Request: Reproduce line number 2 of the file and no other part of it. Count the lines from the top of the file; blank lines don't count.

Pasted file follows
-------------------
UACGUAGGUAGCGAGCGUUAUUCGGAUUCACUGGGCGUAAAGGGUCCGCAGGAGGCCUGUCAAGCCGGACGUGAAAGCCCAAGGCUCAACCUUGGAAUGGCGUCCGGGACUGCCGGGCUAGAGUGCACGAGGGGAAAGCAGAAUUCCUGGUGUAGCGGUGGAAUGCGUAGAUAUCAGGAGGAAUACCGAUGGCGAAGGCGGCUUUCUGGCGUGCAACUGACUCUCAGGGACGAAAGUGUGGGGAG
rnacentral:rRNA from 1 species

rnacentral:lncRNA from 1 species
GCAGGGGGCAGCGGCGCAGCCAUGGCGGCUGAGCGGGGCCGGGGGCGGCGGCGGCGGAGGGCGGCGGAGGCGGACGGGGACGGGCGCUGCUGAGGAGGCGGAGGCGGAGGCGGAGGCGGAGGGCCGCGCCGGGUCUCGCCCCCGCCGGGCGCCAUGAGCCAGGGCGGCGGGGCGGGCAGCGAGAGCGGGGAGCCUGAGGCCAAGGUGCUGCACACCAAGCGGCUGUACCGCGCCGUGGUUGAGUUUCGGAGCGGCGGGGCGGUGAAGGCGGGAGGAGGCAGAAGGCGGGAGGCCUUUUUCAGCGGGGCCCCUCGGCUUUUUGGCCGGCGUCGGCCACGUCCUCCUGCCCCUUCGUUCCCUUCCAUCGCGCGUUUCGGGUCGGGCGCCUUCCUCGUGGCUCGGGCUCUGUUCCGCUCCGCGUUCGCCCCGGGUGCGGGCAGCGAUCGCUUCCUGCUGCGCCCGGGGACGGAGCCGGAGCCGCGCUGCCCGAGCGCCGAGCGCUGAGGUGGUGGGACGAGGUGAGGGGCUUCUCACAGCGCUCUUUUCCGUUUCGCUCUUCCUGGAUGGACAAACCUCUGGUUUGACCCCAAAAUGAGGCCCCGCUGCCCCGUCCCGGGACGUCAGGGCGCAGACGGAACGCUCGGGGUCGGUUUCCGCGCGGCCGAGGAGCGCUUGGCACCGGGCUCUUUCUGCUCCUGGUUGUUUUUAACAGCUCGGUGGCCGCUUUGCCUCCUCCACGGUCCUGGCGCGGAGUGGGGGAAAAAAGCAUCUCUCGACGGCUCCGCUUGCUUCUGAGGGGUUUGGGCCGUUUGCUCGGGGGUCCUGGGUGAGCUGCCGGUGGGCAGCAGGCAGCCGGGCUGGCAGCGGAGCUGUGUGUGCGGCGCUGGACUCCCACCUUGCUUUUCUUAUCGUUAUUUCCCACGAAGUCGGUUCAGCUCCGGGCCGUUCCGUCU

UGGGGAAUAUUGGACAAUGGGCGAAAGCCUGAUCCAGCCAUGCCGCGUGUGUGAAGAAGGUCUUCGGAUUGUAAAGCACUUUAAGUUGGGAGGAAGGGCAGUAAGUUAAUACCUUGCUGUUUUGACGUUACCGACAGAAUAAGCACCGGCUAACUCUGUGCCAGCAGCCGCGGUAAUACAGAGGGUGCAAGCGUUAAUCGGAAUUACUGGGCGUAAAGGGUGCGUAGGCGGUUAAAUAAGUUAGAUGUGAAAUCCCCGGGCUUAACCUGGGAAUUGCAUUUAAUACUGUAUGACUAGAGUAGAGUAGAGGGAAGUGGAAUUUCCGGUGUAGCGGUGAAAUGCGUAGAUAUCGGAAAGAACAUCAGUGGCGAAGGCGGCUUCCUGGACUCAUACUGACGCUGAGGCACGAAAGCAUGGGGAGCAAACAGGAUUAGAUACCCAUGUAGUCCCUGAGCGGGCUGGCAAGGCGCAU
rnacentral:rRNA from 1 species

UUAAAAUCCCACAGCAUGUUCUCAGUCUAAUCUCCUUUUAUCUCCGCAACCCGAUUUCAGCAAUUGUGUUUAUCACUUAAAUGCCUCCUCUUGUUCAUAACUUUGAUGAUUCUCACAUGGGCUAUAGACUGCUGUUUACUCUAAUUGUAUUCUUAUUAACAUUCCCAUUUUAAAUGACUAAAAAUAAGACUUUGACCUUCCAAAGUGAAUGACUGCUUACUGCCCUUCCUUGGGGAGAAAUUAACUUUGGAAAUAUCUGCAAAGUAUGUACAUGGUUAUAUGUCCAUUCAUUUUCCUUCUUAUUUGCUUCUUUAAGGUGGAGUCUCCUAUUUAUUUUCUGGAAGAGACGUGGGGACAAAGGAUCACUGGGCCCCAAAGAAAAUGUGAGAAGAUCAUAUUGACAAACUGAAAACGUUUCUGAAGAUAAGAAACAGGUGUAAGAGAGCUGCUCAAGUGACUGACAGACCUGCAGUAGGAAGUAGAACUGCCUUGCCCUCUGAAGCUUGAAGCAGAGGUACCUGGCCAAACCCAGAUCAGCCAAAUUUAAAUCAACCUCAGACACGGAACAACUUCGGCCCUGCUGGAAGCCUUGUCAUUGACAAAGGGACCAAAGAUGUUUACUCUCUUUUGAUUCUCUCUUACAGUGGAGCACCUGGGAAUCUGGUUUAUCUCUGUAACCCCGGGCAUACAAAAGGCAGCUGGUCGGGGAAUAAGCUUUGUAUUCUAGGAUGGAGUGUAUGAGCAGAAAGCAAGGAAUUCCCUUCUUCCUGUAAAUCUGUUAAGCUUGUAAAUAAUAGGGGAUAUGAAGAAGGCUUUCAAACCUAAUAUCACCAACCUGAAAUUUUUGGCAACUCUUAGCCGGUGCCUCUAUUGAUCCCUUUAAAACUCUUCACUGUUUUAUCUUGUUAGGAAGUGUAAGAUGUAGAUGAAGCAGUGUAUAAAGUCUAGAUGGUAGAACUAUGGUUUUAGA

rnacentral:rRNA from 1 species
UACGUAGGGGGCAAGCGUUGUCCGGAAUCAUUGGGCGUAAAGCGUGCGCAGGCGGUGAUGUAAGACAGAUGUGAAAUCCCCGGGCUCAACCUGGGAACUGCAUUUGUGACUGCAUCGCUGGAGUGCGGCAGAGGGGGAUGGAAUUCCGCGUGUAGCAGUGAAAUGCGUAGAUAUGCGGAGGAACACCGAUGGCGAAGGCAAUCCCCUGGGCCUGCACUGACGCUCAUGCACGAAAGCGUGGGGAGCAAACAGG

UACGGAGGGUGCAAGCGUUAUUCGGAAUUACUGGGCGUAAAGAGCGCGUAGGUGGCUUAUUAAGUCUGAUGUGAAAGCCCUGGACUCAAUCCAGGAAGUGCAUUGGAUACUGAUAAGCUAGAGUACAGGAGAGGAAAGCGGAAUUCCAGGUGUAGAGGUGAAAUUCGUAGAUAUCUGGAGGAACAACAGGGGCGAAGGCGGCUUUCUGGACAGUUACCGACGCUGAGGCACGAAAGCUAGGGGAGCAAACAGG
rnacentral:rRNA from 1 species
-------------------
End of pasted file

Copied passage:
rnacentral:rRNA from 1 species